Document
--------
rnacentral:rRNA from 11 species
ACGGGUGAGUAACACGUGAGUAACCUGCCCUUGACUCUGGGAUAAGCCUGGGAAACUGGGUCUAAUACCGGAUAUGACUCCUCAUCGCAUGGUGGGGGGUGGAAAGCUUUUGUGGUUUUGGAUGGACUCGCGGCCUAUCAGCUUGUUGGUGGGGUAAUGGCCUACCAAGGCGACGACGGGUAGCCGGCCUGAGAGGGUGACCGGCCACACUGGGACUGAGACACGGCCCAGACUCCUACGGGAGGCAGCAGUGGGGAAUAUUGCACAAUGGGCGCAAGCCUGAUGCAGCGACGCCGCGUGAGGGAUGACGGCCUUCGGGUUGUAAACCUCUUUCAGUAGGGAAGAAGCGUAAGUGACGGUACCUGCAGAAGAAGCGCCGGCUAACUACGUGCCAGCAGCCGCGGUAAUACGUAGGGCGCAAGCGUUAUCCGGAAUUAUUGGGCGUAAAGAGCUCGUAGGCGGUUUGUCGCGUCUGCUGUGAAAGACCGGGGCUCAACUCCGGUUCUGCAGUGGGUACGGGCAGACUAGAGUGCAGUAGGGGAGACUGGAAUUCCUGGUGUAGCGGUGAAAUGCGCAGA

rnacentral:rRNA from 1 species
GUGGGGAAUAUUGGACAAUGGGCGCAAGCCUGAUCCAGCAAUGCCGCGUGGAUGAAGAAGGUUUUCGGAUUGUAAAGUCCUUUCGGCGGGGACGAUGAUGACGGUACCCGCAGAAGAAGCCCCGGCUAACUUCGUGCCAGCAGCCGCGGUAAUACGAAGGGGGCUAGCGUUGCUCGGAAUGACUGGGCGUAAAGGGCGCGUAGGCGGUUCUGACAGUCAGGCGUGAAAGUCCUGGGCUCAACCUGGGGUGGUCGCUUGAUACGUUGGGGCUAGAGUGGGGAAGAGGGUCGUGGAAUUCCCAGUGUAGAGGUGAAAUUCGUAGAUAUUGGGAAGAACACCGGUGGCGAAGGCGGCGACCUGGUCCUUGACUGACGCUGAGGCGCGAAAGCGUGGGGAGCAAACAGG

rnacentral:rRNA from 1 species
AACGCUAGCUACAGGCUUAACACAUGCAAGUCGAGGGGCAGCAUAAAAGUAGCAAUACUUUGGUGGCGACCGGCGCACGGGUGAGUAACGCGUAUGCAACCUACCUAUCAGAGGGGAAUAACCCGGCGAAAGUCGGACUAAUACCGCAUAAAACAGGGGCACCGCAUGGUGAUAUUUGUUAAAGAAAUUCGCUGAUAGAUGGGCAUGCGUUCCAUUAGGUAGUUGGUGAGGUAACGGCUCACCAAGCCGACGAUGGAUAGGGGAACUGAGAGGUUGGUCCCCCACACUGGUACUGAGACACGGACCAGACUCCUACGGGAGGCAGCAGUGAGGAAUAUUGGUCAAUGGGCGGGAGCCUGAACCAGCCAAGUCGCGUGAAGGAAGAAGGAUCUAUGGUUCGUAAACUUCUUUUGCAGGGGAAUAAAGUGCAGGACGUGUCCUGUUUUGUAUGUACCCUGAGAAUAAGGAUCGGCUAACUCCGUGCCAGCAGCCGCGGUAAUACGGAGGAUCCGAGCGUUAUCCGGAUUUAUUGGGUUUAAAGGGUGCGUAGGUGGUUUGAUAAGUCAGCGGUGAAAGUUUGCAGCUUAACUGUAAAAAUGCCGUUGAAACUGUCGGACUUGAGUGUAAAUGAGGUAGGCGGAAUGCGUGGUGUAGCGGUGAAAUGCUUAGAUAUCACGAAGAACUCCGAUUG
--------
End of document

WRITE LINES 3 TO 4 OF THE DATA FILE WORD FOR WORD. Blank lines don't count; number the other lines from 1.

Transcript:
rnacentral:rRNA from 1 species
GUGGGGAAUAUUGGACAAUGGGCGCAAGCCUGAUCCAGCAAUGCCGCGUGGAUGAAGAAGGUUUUCGGAUUGUAAAGUCCUUUCGGCGGGGACGAUGAUGACGGUACCCGCAGAAGAAGCCCCGGCUAACUUCGUGCCAGCAGCCGCGGUAAUACGAAGGGGGCUAGCGUUGCUCGGAAUGACUGGGCGUAAAGGGCGCGUAGGCGGUUCUGACAGUCAGGCGUGAAAGUCCUGGGCUCAACCUGGGGUGGUCGCUUGAUACGUUGGGGCUAGAGUGGGGAAGAGGGUCGUGGAAUUCCCAGUGUAGAGGUGAAAUUCGUAGAUAUUGGGAAGAACACCGGUGGCGAAGGCGGCGACCUGGUCCUUGACUGACGCUGAGGCGCGAAAGCGUGGGGAGCAAACAGG